European Americans like Trump, Asian Americans and the LGBT community don’t

Donald Trump has insulted women, blacks, Hispanics, Muslims, and the disabled. It should not be surprising that the level of support for him among those groups is low. One group that he has not insulted (at least as far as I am aware) are Asian-Americans so one might expect that he is scoring relatively highly among them.

But via Kevin Drum, I came across this interesting chart that shows that his support among Asian-American is abysmally low. Trump’s average support is around 20%, compared to Clinton’s 70%. His support among my peeps, the Asian Indians (that I believe refers to those from the subcontinent and not just to India), is at just 9%. He does best among Filipinos at 32%. [Correction: I checked the questionnaire (see S10.2 on page 46) and it looks like they wanted only Indians and excluded Pakistanis, Bangladeshis, and Sri Lankans.]


Asian Americans make up about 5.6% of the total population, not insignificant. Maybe the lesson Trump will draw from this data is that he should start insulting Asians as well if he wants to raise his standing among them.

This made me curious about where Trump stands with another similar-sized group and that is the LGBT community. His running mate has a terrible record of opposing LGBT rights and Trump too has said that he would appoint Supreme Court judges who would roll back the right of same-sex marriage (something that will never happen) and has supported state-sanctioned discrimination of transgender people, though on the plus side, he has said that he would support amending the Civil Rights Act to ban discrimination based on sexual orientation. A survey found that the LGBT community supported Clinton over Trump by a margin of 72-20% and in the 2012 election, about 5% of voters identified themselves as LGBT.

But European Americans tend to favor Trump


So the LGBT and Asian American communities cannot be blamed in the eventuality of a Trump presidency.


  1. Matt G says

    I’m 50% German, 25% English and 25% French, though my family has been in North America for hundreds of years (I’ve confirmed that one came over in the 1600s). What the hell is wrong with my people, especially the Krauts?

  2. cartomancer says

    Well, Trump did once speak in glowing terms about the internment of Japanese Americans during World War Two, saying that his policies toward Muslims were just like that in order to justify them. I’d count that as implicitly insulting, and Japanese Americans such as George Takei were rightfully appalled by it. Given this, I’m surprised that his numbers among Japanese Americans are not much, much lower.

    I suspect that the Asian Indians numbers are the lowest because a fair number of them are Muslim (particularly if, as you say, this includes Pakistani and Bangladeshi Americans). Many of the rest will have experienced anti-Muslim bigotry because they have been mistaken for Muslims.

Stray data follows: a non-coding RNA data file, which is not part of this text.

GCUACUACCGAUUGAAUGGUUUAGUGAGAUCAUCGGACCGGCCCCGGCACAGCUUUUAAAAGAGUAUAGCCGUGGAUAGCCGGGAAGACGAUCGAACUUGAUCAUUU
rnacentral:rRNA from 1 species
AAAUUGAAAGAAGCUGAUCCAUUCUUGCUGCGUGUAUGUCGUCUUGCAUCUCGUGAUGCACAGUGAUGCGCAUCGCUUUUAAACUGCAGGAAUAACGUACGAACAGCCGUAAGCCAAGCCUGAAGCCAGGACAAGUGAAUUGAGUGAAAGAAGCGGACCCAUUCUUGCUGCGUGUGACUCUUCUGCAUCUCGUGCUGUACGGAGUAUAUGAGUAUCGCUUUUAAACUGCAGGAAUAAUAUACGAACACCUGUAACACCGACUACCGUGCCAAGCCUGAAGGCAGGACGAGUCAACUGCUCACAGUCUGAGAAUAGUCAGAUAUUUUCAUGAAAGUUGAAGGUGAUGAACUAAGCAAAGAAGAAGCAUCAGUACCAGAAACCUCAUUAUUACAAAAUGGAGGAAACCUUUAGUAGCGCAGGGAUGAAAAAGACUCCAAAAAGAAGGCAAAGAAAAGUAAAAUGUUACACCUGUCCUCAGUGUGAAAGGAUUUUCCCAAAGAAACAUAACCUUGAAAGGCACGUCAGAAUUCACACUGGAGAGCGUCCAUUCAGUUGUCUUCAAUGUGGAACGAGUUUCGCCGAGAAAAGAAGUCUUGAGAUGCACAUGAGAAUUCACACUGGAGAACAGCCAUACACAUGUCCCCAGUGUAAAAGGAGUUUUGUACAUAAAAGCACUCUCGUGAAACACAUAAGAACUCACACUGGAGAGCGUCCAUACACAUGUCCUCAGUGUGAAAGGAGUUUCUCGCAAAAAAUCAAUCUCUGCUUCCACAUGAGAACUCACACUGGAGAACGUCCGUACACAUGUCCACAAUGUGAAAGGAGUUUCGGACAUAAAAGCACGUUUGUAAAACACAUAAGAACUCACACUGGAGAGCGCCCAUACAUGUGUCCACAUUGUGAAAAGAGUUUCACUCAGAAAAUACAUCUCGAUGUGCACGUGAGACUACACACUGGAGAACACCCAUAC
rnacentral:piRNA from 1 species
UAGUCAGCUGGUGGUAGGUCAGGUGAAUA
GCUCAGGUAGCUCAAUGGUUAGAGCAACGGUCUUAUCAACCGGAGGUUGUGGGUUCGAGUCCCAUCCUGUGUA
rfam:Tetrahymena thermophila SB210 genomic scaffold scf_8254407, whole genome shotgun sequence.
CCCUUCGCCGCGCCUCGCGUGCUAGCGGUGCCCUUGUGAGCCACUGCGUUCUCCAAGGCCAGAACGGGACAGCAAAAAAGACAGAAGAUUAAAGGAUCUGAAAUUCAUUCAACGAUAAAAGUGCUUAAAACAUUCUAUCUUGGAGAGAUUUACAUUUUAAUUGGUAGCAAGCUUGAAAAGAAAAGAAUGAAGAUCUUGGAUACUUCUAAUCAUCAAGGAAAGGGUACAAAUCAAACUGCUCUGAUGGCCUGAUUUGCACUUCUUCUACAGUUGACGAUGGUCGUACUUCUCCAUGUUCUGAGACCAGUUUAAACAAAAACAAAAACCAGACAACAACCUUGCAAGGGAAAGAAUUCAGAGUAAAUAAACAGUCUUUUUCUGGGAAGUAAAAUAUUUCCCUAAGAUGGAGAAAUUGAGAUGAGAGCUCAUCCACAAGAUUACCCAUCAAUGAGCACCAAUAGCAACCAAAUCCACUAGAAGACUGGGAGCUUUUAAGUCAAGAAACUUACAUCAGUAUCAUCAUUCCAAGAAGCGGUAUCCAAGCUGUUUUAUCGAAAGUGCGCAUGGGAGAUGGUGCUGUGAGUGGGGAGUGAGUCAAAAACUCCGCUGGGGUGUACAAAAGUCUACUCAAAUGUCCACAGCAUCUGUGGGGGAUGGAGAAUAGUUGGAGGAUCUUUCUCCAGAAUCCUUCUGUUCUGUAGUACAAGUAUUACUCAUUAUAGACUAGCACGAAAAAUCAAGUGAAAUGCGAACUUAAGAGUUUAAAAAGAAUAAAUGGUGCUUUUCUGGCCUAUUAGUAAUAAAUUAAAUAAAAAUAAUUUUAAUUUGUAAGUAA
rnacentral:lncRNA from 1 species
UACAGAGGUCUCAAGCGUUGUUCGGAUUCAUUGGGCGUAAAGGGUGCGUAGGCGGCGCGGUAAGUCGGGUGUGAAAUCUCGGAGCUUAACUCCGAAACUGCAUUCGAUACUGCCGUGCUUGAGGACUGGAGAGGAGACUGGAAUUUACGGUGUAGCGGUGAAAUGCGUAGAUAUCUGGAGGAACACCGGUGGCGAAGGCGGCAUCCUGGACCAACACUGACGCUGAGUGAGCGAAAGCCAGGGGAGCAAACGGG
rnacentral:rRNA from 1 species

3. says

    This Euro/Norse American (gluten-free white bread) will be voting for Clinton. I’m not a fan of her, but I dispise that reckless and feckless Trump.

  4. Mano Singham says


    My assumption was wrong. They only wanted people from India. See my update to the post.

  5. Blood Knight in Sour Armor says

    Any reason to call them European-Americans? Most of them have been here so long that they may as well just be called white Americans.

  6. smrnda says

    On Euro Americans, I noticed that, despite my being “European” in a sense, I don’t belong to any of those demographics. Or is ‘European American’ exclusive of Slavic, Balkan or such? Or are they just not polled?

  7. Kwt says

    Or perhaps the right-wing Europeans are more heavily represented in the US. For the other ethnic groups, the US is more liberal, but for Europeans, the US marks a very rightward shift.

  8. sonofrojblake says

    Trump too has said that he would appoint Supreme Court judges who would roll back the right of same-sex marriage (something that will never happen)

    People said Trump winning the nomination would never happen. Never be complacent.

  9. Mano Singham says


    Unfortunately the link to the poll analysis is broken so I could not find the precise answer to your question. But reading between the lines, I think they asked respondents to check all the ancestry that they thought applied to them. It may be that the other groups were too small to be statistically worth including.

  10. DonDueed says

    The thing that jumps out at me is the 29% of Cambodians who support “other” rather than either major party candidate. The results exclude “undecideds” so those “other” voters must have some specific candidate in mind.

    None of the other Asian groups has anywhere near as high a percentage supporting “other”.

    Is there some reason that Johnson and/or Stein is popular among Cambodians? Or is there a Cambodian-American candidate running that I’ve never heard about?

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